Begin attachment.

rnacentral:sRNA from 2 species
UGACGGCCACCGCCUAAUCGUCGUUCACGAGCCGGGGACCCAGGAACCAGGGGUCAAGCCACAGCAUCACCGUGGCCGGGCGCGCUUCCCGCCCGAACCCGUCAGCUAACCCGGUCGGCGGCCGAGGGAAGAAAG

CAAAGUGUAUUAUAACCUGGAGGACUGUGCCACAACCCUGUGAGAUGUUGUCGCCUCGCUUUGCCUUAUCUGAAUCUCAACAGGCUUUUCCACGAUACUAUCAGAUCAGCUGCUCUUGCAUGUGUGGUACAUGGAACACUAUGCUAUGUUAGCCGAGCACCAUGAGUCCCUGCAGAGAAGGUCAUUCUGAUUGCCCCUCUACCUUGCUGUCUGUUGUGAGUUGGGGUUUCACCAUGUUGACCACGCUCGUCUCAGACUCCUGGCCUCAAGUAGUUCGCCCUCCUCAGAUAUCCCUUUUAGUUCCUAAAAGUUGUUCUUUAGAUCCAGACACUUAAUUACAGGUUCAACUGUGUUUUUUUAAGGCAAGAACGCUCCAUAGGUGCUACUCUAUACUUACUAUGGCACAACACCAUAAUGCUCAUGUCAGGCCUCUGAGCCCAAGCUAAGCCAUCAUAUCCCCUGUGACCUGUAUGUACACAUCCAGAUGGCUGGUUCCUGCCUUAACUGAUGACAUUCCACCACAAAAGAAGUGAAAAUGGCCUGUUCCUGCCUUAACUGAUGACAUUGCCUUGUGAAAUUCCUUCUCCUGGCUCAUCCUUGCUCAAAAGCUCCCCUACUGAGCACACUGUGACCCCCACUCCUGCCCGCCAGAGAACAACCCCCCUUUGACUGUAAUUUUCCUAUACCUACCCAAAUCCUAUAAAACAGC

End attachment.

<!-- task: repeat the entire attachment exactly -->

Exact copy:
rnacentral:sRNA from 2 species
UGACGGCCACCGCCUAAUCGUCGUUCACGAGCCGGGGACCCAGGAACCAGGGGUCAAGCCACAGCAUCACCGUGGCCGGGCGCGCUUCCCGCCCGAACCCGUCAGCUAACCCGGUCGGCGGCCGAGGGAAGAAAG

CAAAGUGUAUUAUAACCUGGAGGACUGUGCCACAACCCUGUGAGAUGUUGUCGCCUCGCUUUGCCUUAUCUGAAUCUCAACAGGCUUUUCCACGAUACUAUCAGAUCAGCUGCUCUUGCAUGUGUGGUACAUGGAACACUAUGCUAUGUUAGCCGAGCACCAUGAGUCCCUGCAGAGAAGGUCAUUCUGAUUGCCCCUCUACCUUGCUGUCUGUUGUGAGUUGGGGUUUCACCAUGUUGACCACGCUCGUCUCAGACUCCUGGCCUCAAGUAGUUCGCCCUCCUCAGAUAUCCCUUUUAGUUCCUAAAAGUUGUUCUUUAGAUCCAGACACUUAAUUACAGGUUCAACUGUGUUUUUUUAAGGCAAGAACGCUCCAUAGGUGCUACUCUAUACUUACUAUGGCACAACACCAUAAUGCUCAUGUCAGGCCUCUGAGCCCAAGCUAAGCCAUCAUAUCCCCUGUGACCUGUAUGUACACAUCCAGAUGGCUGGUUCCUGCCUUAACUGAUGACAUUCCACCACAAAAGAAGUGAAAAUGGCCUGUUCCUGCCUUAACUGAUGACAUUGCCUUGUGAAAUUCCUUCUCCUGGCUCAUCCUUGCUCAAAAGCUCCCCUACUGAGCACACUGUGACCCCCACUCCUGCCCGCCAGAGAACAACCCCCCUUUGACUGUAAUUUUCCUAUACCUACCCAAAUCCUAUAAAACAGC